One of the most common diagnoses he has to give is MS, and it’s most often young people to whom he’s handing that news. “MS can present in myriad of ways but it still comes around to young, usually young, people having a weak arm or weak leg,” he says. It was easy to conflate the stories for the book, as the road to diagnosis tends to be similar.

He tells between four and five people a week they have MS. “I can feel the tension, the stress, the worry. And there’s two steps: one of confirming the diagnosis and the next is what’s going to run through their heads.”

Women often ask if they can have a family, while men will ask can they still work – “slightly old-fashioned” approaches, Tubridy acknowledges.

The answer is usually yes to both. “And if it goes as bad as the worst case scenario can be, no one can do anything really about that,” he says.

Most of the time it’s going to be OK and that’s what we’re here for – to try and treat, monitor, and there’s new treatments, new drugs. So I’m much more truly and honestly positive and optimistic about it. It’s the truth.

He wants to show with the book that doctors have imperfections – they don’t always get it right. He is more confident with age, and says he has more insight, but can still get things wrong.

“The didactic nature is altered I think even in my career so far, that we’ll just accept what the doctor says and that’s the way it is,” he says. “So thankfully that has changed.”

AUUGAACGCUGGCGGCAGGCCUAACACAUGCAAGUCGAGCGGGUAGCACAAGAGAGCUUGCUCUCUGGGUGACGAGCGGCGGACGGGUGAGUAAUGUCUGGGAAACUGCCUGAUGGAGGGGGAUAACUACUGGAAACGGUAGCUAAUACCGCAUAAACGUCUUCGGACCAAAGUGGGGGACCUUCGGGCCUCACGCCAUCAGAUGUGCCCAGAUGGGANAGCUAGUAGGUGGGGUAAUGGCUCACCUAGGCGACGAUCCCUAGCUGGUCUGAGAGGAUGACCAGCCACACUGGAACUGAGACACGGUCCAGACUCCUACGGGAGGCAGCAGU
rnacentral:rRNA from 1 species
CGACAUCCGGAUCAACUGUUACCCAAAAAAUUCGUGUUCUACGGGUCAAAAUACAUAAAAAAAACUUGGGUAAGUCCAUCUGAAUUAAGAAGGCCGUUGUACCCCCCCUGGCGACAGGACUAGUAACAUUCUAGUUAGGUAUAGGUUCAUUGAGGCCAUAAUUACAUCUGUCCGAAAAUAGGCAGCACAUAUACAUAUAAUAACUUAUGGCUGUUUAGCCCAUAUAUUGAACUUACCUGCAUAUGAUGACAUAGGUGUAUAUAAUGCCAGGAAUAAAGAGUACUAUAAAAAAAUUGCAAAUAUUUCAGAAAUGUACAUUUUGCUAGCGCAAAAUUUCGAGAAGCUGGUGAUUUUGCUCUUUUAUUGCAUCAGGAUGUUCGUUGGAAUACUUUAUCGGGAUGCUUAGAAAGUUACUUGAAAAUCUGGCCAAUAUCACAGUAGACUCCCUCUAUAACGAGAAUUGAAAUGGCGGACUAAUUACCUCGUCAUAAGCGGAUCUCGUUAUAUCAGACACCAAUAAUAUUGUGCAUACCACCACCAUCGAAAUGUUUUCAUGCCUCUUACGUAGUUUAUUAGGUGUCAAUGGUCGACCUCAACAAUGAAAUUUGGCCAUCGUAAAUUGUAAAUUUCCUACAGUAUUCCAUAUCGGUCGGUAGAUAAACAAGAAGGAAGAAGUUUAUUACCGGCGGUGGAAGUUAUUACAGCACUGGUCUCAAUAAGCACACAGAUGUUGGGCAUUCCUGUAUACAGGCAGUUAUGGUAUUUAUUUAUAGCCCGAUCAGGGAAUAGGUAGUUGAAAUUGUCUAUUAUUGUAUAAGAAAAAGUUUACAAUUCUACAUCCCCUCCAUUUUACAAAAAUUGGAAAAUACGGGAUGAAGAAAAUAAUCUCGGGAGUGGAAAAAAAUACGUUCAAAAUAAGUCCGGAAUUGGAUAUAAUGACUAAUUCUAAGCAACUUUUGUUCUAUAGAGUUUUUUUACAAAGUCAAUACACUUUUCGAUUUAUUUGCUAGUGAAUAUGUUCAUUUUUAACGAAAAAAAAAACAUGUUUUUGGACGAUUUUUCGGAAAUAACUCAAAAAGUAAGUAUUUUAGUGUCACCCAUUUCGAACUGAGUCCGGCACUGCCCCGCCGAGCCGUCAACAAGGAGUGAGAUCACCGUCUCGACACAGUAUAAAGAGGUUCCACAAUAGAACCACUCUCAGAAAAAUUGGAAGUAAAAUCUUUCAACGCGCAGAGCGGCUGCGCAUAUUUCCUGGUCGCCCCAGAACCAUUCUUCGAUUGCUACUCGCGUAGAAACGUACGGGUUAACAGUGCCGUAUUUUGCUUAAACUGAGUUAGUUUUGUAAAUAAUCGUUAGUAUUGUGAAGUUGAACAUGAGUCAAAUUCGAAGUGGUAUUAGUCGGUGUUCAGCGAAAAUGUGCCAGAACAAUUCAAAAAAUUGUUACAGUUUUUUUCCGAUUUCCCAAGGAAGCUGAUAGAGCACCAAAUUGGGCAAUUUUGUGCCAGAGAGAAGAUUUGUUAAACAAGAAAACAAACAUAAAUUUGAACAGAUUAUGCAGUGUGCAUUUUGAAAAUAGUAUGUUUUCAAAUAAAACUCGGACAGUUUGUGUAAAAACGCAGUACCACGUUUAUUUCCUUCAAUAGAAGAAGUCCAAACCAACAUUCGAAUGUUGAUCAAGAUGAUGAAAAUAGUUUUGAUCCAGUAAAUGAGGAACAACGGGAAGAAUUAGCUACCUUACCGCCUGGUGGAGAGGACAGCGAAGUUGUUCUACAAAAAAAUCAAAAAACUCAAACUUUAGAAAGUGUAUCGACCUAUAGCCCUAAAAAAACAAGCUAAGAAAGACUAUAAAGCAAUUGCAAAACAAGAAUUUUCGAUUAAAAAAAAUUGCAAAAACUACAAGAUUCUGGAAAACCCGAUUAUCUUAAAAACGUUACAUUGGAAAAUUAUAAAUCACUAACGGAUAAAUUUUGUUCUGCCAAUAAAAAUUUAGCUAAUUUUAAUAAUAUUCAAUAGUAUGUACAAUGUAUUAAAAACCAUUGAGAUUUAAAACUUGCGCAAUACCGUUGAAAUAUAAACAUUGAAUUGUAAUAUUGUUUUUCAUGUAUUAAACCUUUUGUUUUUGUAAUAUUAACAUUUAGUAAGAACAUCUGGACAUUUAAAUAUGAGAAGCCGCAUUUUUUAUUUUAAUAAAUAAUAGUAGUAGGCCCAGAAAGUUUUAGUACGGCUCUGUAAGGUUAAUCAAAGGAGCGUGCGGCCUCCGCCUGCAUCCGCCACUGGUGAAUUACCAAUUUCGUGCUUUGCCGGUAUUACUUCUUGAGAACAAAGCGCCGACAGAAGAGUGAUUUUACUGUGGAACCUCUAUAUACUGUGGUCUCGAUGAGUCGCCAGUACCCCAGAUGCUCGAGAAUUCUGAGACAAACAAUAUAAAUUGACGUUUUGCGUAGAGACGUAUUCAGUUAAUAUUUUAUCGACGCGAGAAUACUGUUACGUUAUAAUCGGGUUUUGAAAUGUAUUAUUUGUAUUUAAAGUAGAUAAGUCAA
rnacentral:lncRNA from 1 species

Dr Google

Then there’s Dr Google. Most people, before they get to his office, “have googled themselves up to the hilt”.

Does he mind this? 

Not at all, as it turns out.

People often come into him having “run themselves round in circles of clutter of worry” and need some direction. But sometimes there is no answer. In the book, he details how there are some cases where there is no concrete answer, where a case cannot be explained. 

He will tell people in these cases: “I’m maybe not sure what it is but I know it’s not MS, I know it’s not motor neurone, I don’t think you’ll end up in a wheelchair.”

He says that works two ways – some people say that’s all they wanted to know. But others will tell him: “I never thought of this…”

But he does think that constant internet use “has cluttered all our heads”, causing stress which might manifest in symptoms.

So they say, ‘oh gosh, I’m getting tightness in my chest or pins and needles in my hands or my face’. Google that – they’re not going to get ‘you’re having a panic attack’ or [are] anxious, you’re going to get MS, wheelchair. Or at least that’s what I think our cognitive bias leads us to.

Over the last three to four years it’s been “peak Dr Google”, where “people are now googling so early that they are finding themselves in a place of chassis and worry before they’ve even had time to think about it”.